What James Comey Gets Wrong About Donald Trump

What James Comey Gets Wrong About Donald Trump

What James Comey Gets Wrong About Donald Trump

He’s right that Trump is unfit to be president. He’s wrong about the solution to that problem.


At the core of the generally impressive prime-time interview that George Stephanopoulos conducted with James Comey was a necessary question about the FBI director’s much-anticipated memoir: A Higher Loyalty: Truth, Lies, and Leadership. “You write that President Trump is unethical, untethered to the truth,” noted the ABC newsman. “Is Donald Trump unfit to be president?”

Comey’s reply was blunt and damning.

“Yes,” said the veteran federal law-enforcement officer, who last year was removed from the leadership of the Federal Bureau of Investigation by Trump. “But not in the way…I often hear people talk about it. I don’t buy this stuff about him being mentally incompetent or early stages of dementia. He strikes me as a person of above-average intelligence who’s tracking conversations and knows what’s going on. I don’t think he’s medically unfit to be president. I think he’s morally unfit to be president”

Comey did not stop there. He went into detail.

“A person who sees moral equivalence in Charlottesville, who talks about and treats women like they’re pieces of meat, who lies constantly about matters big and small and insists the American people believe it, that person’s not fit to be president of the United States, on moral grounds,” said the former US Attorney for the Southern District of New York and deputy attorney general of the United States. “And that’s not a policy statement. Again, I don’t care what your views are on guns or immigration or taxes,” said Comey. “There’s something more important than that that should unite all of us, and that is our president must embody respect and adhere to the values that are at the core of this country. The most important being truth. This president is not able to do that. He is morally unfit to be president.”

That was a striking response—so striking that it demanded a follow-up question from Stephanopoulos. “If you are right, what is the remedy?” asked Stephanopoulos. “Should Donald Trump be impeached?”

Comey stumbled, attempting initially to describe the process. Stephanopoulos interrupted: “You’re a citizen. You have a judgment.”

“Yeah, I’ll tell you, I’ll give you a strange answer. I hope not, because I think impeaching and removing Donald Trump from office would let the American people off the hook and have something happen indirectly that I believe they’re duty bound to do directly. People in this country need to stand up and go to the voting booth and vote their values,” said Comey, who added: “We’ll fight about guns. We’ll fight about taxes. We’ll fight about all those other things down the road. But you cannot have, as president of the United States, someone who does not reflect the values that I believe Republicans treasure and Democrats treasure and independents treasure. That is the core of this country. That’s our foundation. And so impeachment, in a way, would short-circuit that.”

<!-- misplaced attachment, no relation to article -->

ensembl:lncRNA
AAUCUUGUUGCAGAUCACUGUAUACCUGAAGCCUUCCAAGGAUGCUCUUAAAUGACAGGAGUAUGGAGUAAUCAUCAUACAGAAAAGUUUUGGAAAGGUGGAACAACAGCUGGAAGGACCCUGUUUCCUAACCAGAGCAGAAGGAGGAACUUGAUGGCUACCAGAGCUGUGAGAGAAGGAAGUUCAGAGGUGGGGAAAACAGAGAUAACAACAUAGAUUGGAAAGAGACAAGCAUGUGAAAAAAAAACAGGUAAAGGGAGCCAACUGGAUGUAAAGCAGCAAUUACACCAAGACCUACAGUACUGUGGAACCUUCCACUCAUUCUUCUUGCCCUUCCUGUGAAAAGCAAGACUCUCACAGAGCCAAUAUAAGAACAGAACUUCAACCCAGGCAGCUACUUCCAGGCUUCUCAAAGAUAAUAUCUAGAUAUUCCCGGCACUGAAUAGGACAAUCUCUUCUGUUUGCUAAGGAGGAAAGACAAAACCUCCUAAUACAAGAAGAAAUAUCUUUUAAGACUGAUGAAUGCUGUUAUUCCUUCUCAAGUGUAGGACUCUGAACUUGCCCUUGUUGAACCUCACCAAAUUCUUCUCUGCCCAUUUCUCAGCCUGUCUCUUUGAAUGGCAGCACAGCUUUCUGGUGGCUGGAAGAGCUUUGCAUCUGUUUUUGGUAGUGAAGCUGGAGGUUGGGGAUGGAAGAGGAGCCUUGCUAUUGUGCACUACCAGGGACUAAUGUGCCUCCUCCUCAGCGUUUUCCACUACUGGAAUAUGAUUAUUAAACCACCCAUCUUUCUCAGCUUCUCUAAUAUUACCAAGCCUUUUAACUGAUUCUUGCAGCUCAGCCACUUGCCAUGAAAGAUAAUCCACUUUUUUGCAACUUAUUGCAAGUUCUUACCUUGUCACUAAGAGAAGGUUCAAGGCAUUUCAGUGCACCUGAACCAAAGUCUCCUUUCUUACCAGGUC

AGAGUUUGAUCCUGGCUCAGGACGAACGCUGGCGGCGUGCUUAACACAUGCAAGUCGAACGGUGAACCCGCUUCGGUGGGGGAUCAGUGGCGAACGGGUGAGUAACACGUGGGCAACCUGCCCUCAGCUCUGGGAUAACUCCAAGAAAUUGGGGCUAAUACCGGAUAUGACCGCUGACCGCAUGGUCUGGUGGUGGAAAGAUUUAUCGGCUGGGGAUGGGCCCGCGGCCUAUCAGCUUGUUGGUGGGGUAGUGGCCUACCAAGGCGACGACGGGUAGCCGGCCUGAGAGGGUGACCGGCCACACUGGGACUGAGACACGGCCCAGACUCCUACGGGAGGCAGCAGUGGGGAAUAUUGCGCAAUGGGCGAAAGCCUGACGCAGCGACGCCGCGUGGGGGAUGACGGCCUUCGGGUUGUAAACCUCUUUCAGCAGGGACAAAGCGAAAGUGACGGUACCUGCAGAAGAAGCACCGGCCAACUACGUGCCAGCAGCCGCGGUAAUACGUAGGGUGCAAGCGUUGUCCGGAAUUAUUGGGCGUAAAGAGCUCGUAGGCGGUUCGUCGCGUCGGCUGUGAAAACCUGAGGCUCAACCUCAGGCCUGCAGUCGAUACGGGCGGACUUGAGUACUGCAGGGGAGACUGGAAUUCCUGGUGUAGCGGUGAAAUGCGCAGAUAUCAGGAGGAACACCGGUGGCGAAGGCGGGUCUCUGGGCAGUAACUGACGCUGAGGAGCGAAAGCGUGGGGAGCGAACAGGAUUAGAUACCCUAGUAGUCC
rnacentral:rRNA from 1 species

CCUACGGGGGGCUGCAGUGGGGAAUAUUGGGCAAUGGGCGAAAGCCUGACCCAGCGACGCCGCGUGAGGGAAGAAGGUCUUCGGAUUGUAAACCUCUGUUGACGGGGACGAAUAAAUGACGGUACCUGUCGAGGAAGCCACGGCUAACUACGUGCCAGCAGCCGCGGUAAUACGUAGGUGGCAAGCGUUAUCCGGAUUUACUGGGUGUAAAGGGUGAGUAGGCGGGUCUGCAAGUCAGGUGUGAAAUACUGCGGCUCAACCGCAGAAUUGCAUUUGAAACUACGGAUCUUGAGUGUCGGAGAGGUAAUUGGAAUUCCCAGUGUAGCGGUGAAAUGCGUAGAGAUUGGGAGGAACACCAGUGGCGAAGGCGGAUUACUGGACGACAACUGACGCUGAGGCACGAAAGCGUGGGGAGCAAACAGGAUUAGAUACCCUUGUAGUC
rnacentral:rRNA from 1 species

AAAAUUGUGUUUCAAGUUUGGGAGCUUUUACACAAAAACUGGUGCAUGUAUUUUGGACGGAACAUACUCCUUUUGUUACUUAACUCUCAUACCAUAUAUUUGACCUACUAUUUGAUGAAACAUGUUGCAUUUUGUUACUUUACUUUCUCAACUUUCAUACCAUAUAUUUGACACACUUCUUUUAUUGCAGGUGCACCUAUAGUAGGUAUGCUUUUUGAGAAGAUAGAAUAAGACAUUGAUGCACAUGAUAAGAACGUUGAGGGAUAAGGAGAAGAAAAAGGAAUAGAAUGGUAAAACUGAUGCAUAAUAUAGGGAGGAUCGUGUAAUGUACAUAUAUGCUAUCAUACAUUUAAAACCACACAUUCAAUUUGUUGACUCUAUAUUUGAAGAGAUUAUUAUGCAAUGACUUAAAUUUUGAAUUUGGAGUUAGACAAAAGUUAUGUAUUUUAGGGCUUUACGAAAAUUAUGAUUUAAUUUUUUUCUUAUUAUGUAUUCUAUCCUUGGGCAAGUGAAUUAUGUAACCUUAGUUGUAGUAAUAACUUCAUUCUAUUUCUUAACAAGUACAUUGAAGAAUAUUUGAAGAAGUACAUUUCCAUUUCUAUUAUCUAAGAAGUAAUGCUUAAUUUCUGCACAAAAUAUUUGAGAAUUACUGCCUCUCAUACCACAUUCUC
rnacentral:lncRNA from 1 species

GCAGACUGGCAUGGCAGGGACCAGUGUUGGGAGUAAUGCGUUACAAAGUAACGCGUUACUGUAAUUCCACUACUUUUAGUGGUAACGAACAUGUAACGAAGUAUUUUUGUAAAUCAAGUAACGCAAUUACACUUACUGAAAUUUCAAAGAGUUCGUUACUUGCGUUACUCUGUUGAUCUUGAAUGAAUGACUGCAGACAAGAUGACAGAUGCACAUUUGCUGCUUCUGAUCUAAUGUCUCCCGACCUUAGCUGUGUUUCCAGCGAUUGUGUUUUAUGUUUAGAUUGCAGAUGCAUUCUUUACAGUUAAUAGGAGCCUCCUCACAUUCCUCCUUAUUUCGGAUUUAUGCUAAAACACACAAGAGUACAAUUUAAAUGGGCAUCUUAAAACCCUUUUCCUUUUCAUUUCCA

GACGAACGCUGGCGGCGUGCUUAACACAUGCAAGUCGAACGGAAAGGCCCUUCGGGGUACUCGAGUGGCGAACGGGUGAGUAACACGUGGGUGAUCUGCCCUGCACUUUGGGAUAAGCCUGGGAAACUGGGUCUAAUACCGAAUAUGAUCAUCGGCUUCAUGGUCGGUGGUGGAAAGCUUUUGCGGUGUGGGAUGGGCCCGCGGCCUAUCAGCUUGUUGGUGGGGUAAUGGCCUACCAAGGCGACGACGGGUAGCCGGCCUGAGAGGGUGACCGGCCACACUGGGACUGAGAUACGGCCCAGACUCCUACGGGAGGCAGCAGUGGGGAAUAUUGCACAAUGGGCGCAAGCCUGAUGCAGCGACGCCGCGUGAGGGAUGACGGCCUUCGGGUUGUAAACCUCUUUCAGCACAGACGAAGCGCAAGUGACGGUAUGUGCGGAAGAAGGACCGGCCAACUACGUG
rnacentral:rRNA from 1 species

Comey says Trump is morally unfit to be president. He says Trump lies constantly; he suggests that Trump is dangerously divisive; he explains how this president fails to adhere to values that are at the core of the country.

Yet Comey is willing to crown Trump as a king for four years, to argue that an unfit president who won a minority of the popular vote in 2016 (and trailed his main opponent by almost 3 million votes) should be allowed to remain in office until January 20, 2021.

That’s not how the American experiment is supposed to work.

The founders of this project established a system of checks and balances that was intended to protect the United States from the monarchical crisis. They had experienced the reign of King George III; they knew the trauma of being governed by an unfit, abusive, and dangerous leader who could not be removed from his position. They wanted to set a different course for the United States, and they did so by establishing an impeachment power that answered George Mason’s essential question: “Shall any man be above Justice? Above all shall that man be above it, who can commit the most extensive injustice?”

To assure that presidents did not become elected despots, and to guarantee that unfit leaders could be removed when necessary, Mason argued at the Constitutional Convention of 1787 that “No point is of more importance than that the right of impeachment should be continued.”

But this power, as it was outlined in the Constitution, and as it was employed by members of the founding generation in the first years of the republic, is not continued if we today imagine that presidents who are unfit, divisive, and dangerous must be allowed to remain in their positions until some distant date when accountability is finally permitted.

The former FBI director is a controversial figure. People can disagree about his past actions, and his explanations for them. But if the United States is to maintain a higher loyalty to the Constitution, then we must acknowledge that Comey got the impeachment question wrong.

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Katrina vanden Heuvel
Editorial Director and Publisher, The Nation

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